Covid-19 measures saved Singapore’s resident unemployment from reaching 7.5% in 2021

COVID-19 support measures boosted gross domestic product (GDP) in 2021 by 0.8 percentage points and kept resident unemployment 4 percentage points lower than it would have been otherwise in the same year, a paper by the Ministry of Finance (MOF) has found.

Singapore’s economy in 2021 grew 7.6 per cent year on year, while annual resident unemployment stood at 3.5 per cent.

Similarly, the measures supported Singapore’s real GDP growth in 2020 by 6.6 percentage points and kept resident unemployment 2 percentage points lower than it would have been.

About 8,000 Covid-19 deaths were avoided between Aug 1 and Dec 31 last year due to Singapore’s public health measures and vaccination drive.

At 15.7 Covid-19 deaths per 100,000, Singapore has one of the lowest Covid-19 mortality rates in the world, said MOF.

The paper also laid out the impact of specific Covid-19 schemes for businesses and workers.

The Jobs Support Scheme (JSS) – which provided wage subsidies to employers to help them retain workers – saved 165,000 local jobs between March and December 2020. The study did not provide estimates for its further impact in 2021.

“There is evidence that local wages also improved by between 1.7 per cent and 5.3 per cent for every 10 percentage points increase in the effective JSS wage subsidy,” said MOF.

The 3 loan assistance programmes for small and medium-sized enterprises supported more than 27,000 enterprises in accessing loans of more than S$24.7 billion between March 2020 and December 2021.

These schemes include the Temporary Bridging Loan Programme (TBLP), Enterprise Financing Scheme – Working Capital Loan, and Enhanced Enterprise Financing Scheme – Trade Loan.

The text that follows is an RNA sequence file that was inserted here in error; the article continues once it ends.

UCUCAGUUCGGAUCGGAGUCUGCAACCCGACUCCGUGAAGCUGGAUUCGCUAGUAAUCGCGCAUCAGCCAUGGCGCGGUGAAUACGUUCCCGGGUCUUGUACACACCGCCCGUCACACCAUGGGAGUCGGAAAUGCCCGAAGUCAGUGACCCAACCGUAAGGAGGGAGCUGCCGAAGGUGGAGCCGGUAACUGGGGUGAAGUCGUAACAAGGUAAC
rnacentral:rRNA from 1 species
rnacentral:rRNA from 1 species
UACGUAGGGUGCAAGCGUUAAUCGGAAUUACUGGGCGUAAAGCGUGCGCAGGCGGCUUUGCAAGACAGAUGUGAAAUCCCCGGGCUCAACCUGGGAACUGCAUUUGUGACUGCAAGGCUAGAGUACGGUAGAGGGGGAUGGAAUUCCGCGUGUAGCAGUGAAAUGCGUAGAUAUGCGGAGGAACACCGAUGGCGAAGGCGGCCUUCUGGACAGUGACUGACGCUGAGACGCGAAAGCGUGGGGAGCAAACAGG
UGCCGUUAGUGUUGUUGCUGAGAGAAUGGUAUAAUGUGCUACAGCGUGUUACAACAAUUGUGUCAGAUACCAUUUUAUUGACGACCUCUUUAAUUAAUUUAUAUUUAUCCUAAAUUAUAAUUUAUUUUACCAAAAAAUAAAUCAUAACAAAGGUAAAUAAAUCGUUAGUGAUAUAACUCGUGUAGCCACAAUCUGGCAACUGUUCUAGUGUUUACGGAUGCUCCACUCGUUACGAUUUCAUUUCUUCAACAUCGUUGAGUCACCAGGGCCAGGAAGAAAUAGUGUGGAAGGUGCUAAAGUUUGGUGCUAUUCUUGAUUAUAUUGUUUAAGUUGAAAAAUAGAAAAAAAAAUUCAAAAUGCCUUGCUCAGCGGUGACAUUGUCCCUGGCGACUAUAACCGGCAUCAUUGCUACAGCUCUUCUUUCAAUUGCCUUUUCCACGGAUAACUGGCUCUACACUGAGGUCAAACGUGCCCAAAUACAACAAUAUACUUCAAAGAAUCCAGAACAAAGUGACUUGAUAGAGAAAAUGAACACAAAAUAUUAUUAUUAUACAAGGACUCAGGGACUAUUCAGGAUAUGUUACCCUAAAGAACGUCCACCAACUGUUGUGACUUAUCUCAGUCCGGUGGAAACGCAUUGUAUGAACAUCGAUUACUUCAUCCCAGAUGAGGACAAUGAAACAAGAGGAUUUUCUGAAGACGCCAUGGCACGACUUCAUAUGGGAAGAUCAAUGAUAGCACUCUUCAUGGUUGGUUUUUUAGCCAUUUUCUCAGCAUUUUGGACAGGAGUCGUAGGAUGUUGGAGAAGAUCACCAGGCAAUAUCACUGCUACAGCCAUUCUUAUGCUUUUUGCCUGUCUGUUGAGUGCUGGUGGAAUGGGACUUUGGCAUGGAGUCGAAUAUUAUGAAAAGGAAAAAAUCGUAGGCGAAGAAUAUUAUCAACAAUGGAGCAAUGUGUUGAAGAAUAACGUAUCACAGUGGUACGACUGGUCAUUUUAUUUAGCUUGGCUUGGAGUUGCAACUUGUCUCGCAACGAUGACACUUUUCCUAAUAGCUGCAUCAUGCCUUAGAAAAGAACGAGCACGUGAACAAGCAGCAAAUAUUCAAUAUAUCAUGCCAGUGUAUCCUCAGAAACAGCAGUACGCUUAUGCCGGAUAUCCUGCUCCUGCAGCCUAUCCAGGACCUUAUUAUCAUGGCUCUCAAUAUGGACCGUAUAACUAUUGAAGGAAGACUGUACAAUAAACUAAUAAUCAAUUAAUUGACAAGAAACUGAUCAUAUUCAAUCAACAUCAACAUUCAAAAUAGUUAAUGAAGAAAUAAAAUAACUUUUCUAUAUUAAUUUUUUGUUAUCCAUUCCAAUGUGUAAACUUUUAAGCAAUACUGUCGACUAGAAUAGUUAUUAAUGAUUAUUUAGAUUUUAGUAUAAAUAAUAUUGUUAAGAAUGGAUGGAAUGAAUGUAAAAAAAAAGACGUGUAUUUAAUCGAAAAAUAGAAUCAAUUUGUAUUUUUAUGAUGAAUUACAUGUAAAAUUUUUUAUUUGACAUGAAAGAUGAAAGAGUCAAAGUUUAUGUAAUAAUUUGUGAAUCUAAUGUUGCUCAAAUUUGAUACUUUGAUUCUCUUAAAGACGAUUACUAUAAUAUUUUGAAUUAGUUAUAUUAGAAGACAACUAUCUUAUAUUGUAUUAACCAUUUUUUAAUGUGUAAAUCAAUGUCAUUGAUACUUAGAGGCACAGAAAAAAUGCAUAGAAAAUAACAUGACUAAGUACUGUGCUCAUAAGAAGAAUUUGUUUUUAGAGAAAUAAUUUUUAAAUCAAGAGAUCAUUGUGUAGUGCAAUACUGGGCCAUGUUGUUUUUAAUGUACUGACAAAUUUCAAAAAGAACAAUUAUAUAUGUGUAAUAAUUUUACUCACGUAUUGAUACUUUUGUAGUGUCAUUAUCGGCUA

Of the firms supported, around 9 in 10 were micro and small enterprises, said MOF. The amount of loans provided was significantly higher than in 2019, where S$1.3 billion in loans were accessed.

As of the end of October last year, more than 166,300 jobs and skills opportunities were filled under the SGUnited Jobs and Skills Package (SGUJS), with 122,300, or over 70 per cent, being job placements.

MOF said the placements comprised “a good mix” of professional, managerial, executive and technical (PMET) and non-PMET roles, with more than 7 in 10 job roles being long-term.

A majority of the trainees enrolled under the various SGUJS schemes also found employment within 6 months after the programme.

The Jobs Growth Incentive (JGI) – which supported employers to expand their local workforce – supported the additional hiring of 47,000 more local workers between September 2020 and February 2021. About 27,300 more mature workers were also hired due to JGI during this period.

MOF said close to half of those employed through JGI were previously unemployed or outside of the labour force, with close to 30 per cent unemployed for more than 6 months.

Finally, as of December last year, the Covid-19 Recovery Grant supported 27,500 employees and self-employed persons who were financially impacted by the pandemic.

Separately, the paper also looked at how the Covid-19 support measures mitigated the longer-term impact the pandemic would have had on the economy.

Compared to other advanced economies, Singapore was able to reduce the loss to potential output, experienced limited increases in corporate debt and continued to raise resident employment through its support measures.

Other mitigating effects include maintaining the job prospects available to recent graduates and preventing widened income inequality among the population.